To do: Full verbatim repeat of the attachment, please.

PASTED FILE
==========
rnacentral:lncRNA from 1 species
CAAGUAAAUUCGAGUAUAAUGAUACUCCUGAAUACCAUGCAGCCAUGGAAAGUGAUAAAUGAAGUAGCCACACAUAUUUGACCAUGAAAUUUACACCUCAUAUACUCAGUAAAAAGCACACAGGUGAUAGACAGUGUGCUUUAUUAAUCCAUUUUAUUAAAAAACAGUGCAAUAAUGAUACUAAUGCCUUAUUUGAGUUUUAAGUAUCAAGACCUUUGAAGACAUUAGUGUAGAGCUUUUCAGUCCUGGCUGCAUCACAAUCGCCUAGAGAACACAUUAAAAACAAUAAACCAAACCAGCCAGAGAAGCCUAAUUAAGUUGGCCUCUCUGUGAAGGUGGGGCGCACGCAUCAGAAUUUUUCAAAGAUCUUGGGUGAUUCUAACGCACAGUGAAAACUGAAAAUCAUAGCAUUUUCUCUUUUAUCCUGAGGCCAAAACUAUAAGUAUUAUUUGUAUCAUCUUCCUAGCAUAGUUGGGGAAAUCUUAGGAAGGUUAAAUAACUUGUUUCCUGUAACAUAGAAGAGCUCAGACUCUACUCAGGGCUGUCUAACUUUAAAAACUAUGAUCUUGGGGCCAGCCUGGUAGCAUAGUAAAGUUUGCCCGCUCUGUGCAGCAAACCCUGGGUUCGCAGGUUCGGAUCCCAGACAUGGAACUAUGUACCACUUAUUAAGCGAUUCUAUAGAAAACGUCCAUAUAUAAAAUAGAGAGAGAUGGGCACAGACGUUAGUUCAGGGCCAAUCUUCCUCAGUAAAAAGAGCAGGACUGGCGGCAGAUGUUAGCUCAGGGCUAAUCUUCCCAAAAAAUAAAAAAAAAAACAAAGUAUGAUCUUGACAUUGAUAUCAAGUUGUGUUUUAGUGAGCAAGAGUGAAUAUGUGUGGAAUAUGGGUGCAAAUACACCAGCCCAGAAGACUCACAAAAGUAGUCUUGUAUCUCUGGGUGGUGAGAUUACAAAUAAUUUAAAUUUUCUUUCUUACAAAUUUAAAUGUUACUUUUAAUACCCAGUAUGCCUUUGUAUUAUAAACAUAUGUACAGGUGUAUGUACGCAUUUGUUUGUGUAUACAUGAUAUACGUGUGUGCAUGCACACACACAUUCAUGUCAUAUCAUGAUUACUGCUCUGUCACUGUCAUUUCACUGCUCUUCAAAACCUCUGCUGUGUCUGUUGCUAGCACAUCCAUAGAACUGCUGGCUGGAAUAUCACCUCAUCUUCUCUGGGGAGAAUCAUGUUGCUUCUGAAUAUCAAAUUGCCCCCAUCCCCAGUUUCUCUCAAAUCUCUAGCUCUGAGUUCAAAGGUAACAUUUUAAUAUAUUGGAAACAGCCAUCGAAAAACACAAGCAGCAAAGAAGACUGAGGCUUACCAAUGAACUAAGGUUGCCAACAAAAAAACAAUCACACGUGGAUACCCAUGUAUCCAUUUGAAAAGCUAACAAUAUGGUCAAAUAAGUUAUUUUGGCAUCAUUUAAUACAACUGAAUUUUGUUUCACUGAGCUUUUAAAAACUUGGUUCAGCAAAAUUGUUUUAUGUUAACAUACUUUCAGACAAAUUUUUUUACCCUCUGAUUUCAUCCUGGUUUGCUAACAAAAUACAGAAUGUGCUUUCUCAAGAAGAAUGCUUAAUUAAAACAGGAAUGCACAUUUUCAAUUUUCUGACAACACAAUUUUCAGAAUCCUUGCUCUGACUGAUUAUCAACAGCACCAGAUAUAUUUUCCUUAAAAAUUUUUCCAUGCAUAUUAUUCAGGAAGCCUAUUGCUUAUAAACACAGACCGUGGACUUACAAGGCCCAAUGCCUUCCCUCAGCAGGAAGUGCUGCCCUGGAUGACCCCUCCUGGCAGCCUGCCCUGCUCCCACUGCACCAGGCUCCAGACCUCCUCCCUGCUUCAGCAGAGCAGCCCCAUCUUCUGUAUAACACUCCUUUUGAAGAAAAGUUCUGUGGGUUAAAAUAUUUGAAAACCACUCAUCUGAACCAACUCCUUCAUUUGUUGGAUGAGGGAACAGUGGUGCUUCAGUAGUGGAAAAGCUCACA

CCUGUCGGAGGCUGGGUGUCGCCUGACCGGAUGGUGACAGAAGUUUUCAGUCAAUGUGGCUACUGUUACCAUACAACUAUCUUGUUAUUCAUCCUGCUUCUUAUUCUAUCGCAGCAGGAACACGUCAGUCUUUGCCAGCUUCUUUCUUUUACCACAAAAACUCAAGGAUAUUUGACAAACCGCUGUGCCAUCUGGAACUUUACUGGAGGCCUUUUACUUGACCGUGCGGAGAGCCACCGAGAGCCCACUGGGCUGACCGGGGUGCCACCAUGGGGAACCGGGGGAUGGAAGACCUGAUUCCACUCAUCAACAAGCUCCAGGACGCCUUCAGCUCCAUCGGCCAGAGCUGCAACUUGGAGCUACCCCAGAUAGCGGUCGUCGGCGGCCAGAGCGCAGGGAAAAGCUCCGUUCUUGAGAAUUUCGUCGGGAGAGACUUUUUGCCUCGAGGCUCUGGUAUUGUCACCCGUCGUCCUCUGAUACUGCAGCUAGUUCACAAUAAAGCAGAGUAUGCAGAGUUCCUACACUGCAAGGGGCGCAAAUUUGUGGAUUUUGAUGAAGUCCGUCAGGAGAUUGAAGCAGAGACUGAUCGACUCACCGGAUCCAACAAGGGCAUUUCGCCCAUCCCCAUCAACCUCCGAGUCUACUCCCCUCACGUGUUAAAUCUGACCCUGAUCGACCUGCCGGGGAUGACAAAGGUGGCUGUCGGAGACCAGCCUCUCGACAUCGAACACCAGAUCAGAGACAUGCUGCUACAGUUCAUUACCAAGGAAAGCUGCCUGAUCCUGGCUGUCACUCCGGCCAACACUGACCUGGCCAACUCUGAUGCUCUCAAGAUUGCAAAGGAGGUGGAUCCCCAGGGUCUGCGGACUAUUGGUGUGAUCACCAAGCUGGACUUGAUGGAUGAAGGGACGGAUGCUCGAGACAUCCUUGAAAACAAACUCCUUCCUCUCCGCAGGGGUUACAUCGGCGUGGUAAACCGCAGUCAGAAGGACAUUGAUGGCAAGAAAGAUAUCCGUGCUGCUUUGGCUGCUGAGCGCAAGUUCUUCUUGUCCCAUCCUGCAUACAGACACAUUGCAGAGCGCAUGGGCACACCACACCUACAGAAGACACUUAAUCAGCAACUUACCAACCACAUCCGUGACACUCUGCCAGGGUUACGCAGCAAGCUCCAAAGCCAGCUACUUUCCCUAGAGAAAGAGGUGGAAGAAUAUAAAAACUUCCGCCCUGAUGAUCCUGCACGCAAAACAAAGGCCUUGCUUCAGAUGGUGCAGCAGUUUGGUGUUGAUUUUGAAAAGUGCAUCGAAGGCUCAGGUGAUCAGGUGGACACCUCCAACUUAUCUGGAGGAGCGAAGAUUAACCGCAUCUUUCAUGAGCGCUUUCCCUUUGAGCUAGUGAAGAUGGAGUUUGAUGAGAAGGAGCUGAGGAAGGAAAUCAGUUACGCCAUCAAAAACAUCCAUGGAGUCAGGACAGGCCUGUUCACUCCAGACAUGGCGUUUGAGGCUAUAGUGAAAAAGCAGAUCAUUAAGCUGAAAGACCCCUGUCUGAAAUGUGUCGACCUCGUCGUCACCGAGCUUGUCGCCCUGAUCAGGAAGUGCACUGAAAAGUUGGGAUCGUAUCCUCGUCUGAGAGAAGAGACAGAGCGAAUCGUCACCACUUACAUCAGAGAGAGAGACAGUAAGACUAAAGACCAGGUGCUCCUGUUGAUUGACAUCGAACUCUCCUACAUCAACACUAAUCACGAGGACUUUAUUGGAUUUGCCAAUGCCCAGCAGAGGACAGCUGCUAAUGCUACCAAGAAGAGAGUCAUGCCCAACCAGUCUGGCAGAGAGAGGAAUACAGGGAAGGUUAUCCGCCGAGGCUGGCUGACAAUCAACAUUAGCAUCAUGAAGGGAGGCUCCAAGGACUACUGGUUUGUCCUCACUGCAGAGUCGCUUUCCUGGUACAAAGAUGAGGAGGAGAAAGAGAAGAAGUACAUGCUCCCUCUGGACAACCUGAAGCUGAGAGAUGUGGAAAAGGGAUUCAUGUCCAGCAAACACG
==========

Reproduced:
rnacentral:lncRNA from 1 species
CAAGUAAAUUCGAGUAUAAUGAUACUCCUGAAUACCAUGCAGCCAUGGAAAGUGAUAAAUGAAGUAGCCACACAUAUUUGACCAUGAAAUUUACACCUCAUAUACUCAGUAAAAAGCACACAGGUGAUAGACAGUGUGCUUUAUUAAUCCAUUUUAUUAAAAAACAGUGCAAUAAUGAUACUAAUGCCUUAUUUGAGUUUUAAGUAUCAAGACCUUUGAAGACAUUAGUGUAGAGCUUUUCAGUCCUGGCUGCAUCACAAUCGCCUAGAGAACACAUUAAAAACAAUAAACCAAACCAGCCAGAGAAGCCUAAUUAAGUUGGCCUCUCUGUGAAGGUGGGGCGCACGCAUCAGAAUUUUUCAAAGAUCUUGGGUGAUUCUAACGCACAGUGAAAACUGAAAAUCAUAGCAUUUUCUCUUUUAUCCUGAGGCCAAAACUAUAAGUAUUAUUUGUAUCAUCUUCCUAGCAUAGUUGGGGAAAUCUUAGGAAGGUUAAAUAACUUGUUUCCUGUAACAUAGAAGAGCUCAGACUCUACUCAGGGCUGUCUAACUUUAAAAACUAUGAUCUUGGGGCCAGCCUGGUAGCAUAGUAAAGUUUGCCCGCUCUGUGCAGCAAACCCUGGGUUCGCAGGUUCGGAUCCCAGACAUGGAACUAUGUACCACUUAUUAAGCGAUUCUAUAGAAAACGUCCAUAUAUAAAAUAGAGAGAGAUGGGCACAGACGUUAGUUCAGGGCCAAUCUUCCUCAGUAAAAAGAGCAGGACUGGCGGCAGAUGUUAGCUCAGGGCUAAUCUUCCCAAAAAAUAAAAAAAAAAACAAAGUAUGAUCUUGACAUUGAUAUCAAGUUGUGUUUUAGUGAGCAAGAGUGAAUAUGUGUGGAAUAUGGGUGCAAAUACACCAGCCCAGAAGACUCACAAAAGUAGUCUUGUAUCUCUGGGUGGUGAGAUUACAAAUAAUUUAAAUUUUCUUUCUUACAAAUUUAAAUGUUACUUUUAAUACCCAGUAUGCCUUUGUAUUAUAAACAUAUGUACAGGUGUAUGUACGCAUUUGUUUGUGUAUACAUGAUAUACGUGUGUGCAUGCACACACACAUUCAUGUCAUAUCAUGAUUACUGCUCUGUCACUGUCAUUUCACUGCUCUUCAAAACCUCUGCUGUGUCUGUUGCUAGCACAUCCAUAGAACUGCUGGCUGGAAUAUCACCUCAUCUUCUCUGGGGAGAAUCAUGUUGCUUCUGAAUAUCAAAUUGCCCCCAUCCCCAGUUUCUCUCAAAUCUCUAGCUCUGAGUUCAAAGGUAACAUUUUAAUAUAUUGGAAACAGCCAUCGAAAAACACAAGCAGCAAAGAAGACUGAGGCUUACCAAUGAACUAAGGUUGCCAACAAAAAAACAAUCACACGUGGAUACCCAUGUAUCCAUUUGAAAAGCUAACAAUAUGGUCAAAUAAGUUAUUUUGGCAUCAUUUAAUACAACUGAAUUUUGUUUCACUGAGCUUUUAAAAACUUGGUUCAGCAAAAUUGUUUUAUGUUAACAUACUUUCAGACAAAUUUUUUUACCCUCUGAUUUCAUCCUGGUUUGCUAACAAAAUACAGAAUGUGCUUUCUCAAGAAGAAUGCUUAAUUAAAACAGGAAUGCACAUUUUCAAUUUUCUGACAACACAAUUUUCAGAAUCCUUGCUCUGACUGAUUAUCAACAGCACCAGAUAUAUUUUCCUUAAAAAUUUUUCCAUGCAUAUUAUUCAGGAAGCCUAUUGCUUAUAAACACAGACCGUGGACUUACAAGGCCCAAUGCCUUCCCUCAGCAGGAAGUGCUGCCCUGGAUGACCCCUCCUGGCAGCCUGCCCUGCUCCCACUGCACCAGGCUCCAGACCUCCUCCCUGCUUCAGCAGAGCAGCCCCAUCUUCUGUAUAACACUCCUUUUGAAGAAAAGUUCUGUGGGUUAAAAUAUUUGAAAACCACUCAUCUGAACCAACUCCUUCAUUUGUUGGAUGAGGGAACAGUGGUGCUUCAGUAGUGGAAAAGCUCACA

CCUGUCGGAGGCUGGGUGUCGCCUGACCGGAUGGUGACAGAAGUUUUCAGUCAAUGUGGCUACUGUUACCAUACAACUAUCUUGUUAUUCAUCCUGCUUCUUAUUCUAUCGCAGCAGGAACACGUCAGUCUUUGCCAGCUUCUUUCUUUUACCACAAAAACUCAAGGAUAUUUGACAAACCGCUGUGCCAUCUGGAACUUUACUGGAGGCCUUUUACUUGACCGUGCGGAGAGCCACCGAGAGCCCACUGGGCUGACCGGGGUGCCACCAUGGGGAACCGGGGGAUGGAAGACCUGAUUCCACUCAUCAACAAGCUCCAGGACGCCUUCAGCUCCAUCGGCCAGAGCUGCAACUUGGAGCUACCCCAGAUAGCGGUCGUCGGCGGCCAGAGCGCAGGGAAAAGCUCCGUUCUUGAGAAUUUCGUCGGGAGAGACUUUUUGCCUCGAGGCUCUGGUAUUGUCACCCGUCGUCCUCUGAUACUGCAGCUAGUUCACAAUAAAGCAGAGUAUGCAGAGUUCCUACACUGCAAGGGGCGCAAAUUUGUGGAUUUUGAUGAAGUCCGUCAGGAGAUUGAAGCAGAGACUGAUCGACUCACCGGAUCCAACAAGGGCAUUUCGCCCAUCCCCAUCAACCUCCGAGUCUACUCCCCUCACGUGUUAAAUCUGACCCUGAUCGACCUGCCGGGGAUGACAAAGGUGGCUGUCGGAGACCAGCCUCUCGACAUCGAACACCAGAUCAGAGACAUGCUGCUACAGUUCAUUACCAAGGAAAGCUGCCUGAUCCUGGCUGUCACUCCGGCCAACACUGACCUGGCCAACUCUGAUGCUCUCAAGAUUGCAAAGGAGGUGGAUCCCCAGGGUCUGCGGACUAUUGGUGUGAUCACCAAGCUGGACUUGAUGGAUGAAGGGACGGAUGCUCGAGACAUCCUUGAAAACAAACUCCUUCCUCUCCGCAGGGGUUACAUCGGCGUGGUAAACCGCAGUCAGAAGGACAUUGAUGGCAAGAAAGAUAUCCGUGCUGCUUUGGCUGCUGAGCGCAAGUUCUUCUUGUCCCAUCCUGCAUACAGACACAUUGCAGAGCGCAUGGGCACACCACACCUACAGAAGACACUUAAUCAGCAACUUACCAACCACAUCCGUGACACUCUGCCAGGGUUACGCAGCAAGCUCCAAAGCCAGCUACUUUCCCUAGAGAAAGAGGUGGAAGAAUAUAAAAACUUCCGCCCUGAUGAUCCUGCACGCAAAACAAAGGCCUUGCUUCAGAUGGUGCAGCAGUUUGGUGUUGAUUUUGAAAAGUGCAUCGAAGGCUCAGGUGAUCAGGUGGACACCUCCAACUUAUCUGGAGGAGCGAAGAUUAACCGCAUCUUUCAUGAGCGCUUUCCCUUUGAGCUAGUGAAGAUGGAGUUUGAUGAGAAGGAGCUGAGGAAGGAAAUCAGUUACGCCAUCAAAAACAUCCAUGGAGUCAGGACAGGCCUGUUCACUCCAGACAUGGCGUUUGAGGCUAUAGUGAAAAAGCAGAUCAUUAAGCUGAAAGACCCCUGUCUGAAAUGUGUCGACCUCGUCGUCACCGAGCUUGUCGCCCUGAUCAGGAAGUGCACUGAAAAGUUGGGAUCGUAUCCUCGUCUGAGAGAAGAGACAGAGCGAAUCGUCACCACUUACAUCAGAGAGAGAGACAGUAAGACUAAAGACCAGGUGCUCCUGUUGAUUGACAUCGAACUCUCCUACAUCAACACUAAUCACGAGGACUUUAUUGGAUUUGCCAAUGCCCAGCAGAGGACAGCUGCUAAUGCUACCAAGAAGAGAGUCAUGCCCAACCAGUCUGGCAGAGAGAGGAAUACAGGGAAGGUUAUCCGCCGAGGCUGGCUGACAAUCAACAUUAGCAUCAUGAAGGGAGGCUCCAAGGACUACUGGUUUGUCCUCACUGCAGAGUCGCUUUCCUGGUACAAAGAUGAGGAGGAGAAAGAGAAGAAGUACAUGCUCCCUCUGGACAACCUGAAGCUGAGAGAUGUGGAAAAGGGAUUCAUGUCCAGCAAACACG